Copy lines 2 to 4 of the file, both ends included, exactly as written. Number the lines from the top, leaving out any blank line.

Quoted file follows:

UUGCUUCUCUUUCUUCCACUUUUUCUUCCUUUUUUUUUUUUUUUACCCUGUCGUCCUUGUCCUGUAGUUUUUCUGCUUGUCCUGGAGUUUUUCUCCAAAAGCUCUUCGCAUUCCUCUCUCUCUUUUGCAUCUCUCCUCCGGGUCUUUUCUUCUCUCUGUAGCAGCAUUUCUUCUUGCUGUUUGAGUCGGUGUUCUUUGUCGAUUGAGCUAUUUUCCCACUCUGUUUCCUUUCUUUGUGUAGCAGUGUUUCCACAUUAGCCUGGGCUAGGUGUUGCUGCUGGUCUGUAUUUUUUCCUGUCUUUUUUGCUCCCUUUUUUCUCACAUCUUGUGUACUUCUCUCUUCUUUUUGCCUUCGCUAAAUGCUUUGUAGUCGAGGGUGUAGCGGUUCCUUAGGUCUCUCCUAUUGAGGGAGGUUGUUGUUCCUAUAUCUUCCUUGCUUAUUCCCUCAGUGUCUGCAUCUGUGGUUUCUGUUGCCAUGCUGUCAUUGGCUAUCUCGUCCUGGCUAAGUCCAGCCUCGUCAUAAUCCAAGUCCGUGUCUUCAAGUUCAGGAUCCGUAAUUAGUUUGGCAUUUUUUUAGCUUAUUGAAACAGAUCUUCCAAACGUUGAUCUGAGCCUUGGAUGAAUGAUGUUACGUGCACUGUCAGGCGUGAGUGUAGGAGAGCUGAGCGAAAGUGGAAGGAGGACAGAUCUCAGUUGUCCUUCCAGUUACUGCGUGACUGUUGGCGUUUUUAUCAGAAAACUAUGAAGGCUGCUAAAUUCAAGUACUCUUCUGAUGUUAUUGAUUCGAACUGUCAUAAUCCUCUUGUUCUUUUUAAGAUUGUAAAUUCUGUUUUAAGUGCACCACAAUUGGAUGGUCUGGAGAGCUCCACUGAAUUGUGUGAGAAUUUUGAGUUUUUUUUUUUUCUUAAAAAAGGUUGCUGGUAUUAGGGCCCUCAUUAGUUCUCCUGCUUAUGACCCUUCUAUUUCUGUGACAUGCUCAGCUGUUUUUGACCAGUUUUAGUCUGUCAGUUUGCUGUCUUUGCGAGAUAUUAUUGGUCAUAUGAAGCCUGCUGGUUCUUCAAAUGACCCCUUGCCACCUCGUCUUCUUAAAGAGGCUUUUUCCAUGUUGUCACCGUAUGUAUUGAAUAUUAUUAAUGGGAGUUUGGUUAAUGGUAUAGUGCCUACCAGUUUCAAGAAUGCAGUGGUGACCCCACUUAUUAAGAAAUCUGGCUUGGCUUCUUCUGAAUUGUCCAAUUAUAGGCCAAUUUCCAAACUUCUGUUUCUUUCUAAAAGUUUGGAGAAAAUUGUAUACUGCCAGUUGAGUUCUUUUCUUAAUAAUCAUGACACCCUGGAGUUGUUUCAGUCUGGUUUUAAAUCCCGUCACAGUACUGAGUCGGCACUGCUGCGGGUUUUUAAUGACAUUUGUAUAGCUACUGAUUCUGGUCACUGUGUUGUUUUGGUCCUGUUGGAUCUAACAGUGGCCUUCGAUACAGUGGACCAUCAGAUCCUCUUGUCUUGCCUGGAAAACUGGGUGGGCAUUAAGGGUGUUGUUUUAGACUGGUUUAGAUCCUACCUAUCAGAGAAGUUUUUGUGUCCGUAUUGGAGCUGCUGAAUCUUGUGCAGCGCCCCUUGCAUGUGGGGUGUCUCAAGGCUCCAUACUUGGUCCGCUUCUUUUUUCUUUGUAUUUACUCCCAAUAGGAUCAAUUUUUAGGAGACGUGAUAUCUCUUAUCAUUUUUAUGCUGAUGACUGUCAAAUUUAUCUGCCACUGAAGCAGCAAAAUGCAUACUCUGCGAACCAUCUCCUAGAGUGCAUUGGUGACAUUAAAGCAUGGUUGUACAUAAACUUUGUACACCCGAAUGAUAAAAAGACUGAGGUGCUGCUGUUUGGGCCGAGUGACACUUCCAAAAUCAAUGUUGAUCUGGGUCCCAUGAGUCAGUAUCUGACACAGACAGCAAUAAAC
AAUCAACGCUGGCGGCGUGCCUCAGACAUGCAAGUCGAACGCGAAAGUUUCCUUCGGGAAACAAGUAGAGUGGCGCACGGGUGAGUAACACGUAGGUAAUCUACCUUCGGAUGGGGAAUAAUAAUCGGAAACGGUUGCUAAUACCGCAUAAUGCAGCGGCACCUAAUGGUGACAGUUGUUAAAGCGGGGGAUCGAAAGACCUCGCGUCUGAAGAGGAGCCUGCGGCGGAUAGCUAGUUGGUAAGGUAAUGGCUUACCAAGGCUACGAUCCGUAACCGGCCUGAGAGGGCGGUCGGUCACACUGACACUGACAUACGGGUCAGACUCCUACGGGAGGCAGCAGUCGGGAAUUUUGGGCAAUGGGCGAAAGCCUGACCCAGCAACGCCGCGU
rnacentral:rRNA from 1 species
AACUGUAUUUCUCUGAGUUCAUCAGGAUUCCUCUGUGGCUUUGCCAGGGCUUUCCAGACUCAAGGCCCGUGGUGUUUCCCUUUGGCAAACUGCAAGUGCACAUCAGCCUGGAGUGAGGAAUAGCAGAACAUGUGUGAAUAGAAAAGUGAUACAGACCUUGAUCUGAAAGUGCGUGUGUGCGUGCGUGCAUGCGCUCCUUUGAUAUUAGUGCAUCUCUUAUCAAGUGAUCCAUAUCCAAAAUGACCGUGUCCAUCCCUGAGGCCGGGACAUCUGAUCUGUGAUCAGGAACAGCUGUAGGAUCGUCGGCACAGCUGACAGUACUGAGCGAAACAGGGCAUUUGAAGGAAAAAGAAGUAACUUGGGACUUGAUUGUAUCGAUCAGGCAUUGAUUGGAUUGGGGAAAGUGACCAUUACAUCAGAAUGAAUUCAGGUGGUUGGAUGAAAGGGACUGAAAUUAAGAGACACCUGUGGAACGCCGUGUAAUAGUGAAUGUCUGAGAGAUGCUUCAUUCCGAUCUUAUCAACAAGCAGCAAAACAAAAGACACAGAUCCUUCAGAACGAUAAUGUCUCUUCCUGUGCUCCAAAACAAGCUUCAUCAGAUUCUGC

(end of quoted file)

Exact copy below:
AAUCAACGCUGGCGGCGUGCCUCAGACAUGCAAGUCGAACGCGAAAGUUUCCUUCGGGAAACAAGUAGAGUGGCGCACGGGUGAGUAACACGUAGGUAAUCUACCUUCGGAUGGGGAAUAAUAAUCGGAAACGGUUGCUAAUACCGCAUAAUGCAGCGGCACCUAAUGGUGACAGUUGUUAAAGCGGGGGAUCGAAAGACCUCGCGUCUGAAGAGGAGCCUGCGGCGGAUAGCUAGUUGGUAAGGUAAUGGCUUACCAAGGCUACGAUCCGUAACCGGCCUGAGAGGGCGGUCGGUCACACUGACACUGACAUACGGGUCAGACUCCUACGGGAGGCAGCAGUCGGGAAUUUUGGGCAAUGGGCGAAAGCCUGACCCAGCAACGCCGCGU
rnacentral:rRNA from 1 species
AACUGUAUUUCUCUGAGUUCAUCAGGAUUCCUCUGUGGCUUUGCCAGGGCUUUCCAGACUCAAGGCCCGUGGUGUUUCCCUUUGGCAAACUGCAAGUGCACAUCAGCCUGGAGUGAGGAAUAGCAGAACAUGUGUGAAUAGAAAAGUGAUACAGACCUUGAUCUGAAAGUGCGUGUGUGCGUGCGUGCAUGCGCUCCUUUGAUAUUAGUGCAUCUCUUAUCAAGUGAUCCAUAUCCAAAAUGACCGUGUCCAUCCCUGAGGCCGGGACAUCUGAUCUGUGAUCAGGAACAGCUGUAGGAUCGUCGGCACAGCUGACAGUACUGAGCGAAACAGGGCAUUUGAAGGAAAAAGAAGUAACUUGGGACUUGAUUGUAUCGAUCAGGCAUUGAUUGGAUUGGGGAAAGUGACCAUUACAUCAGAAUGAAUUCAGGUGGUUGGAUGAAAGGGACUGAAAUUAAGAGACACCUGUGGAACGCCGUGUAAUAGUGAAUGUCUGAGAGAUGCUUCAUUCCGAUCUUAUCAACAAGCAGCAAAACAAAAGACACAGAUCCUUCAGAACGAUAAUGUCUCUUCCUGUGCUCCAAAACAAGCUUCAUCAGAUUCUGC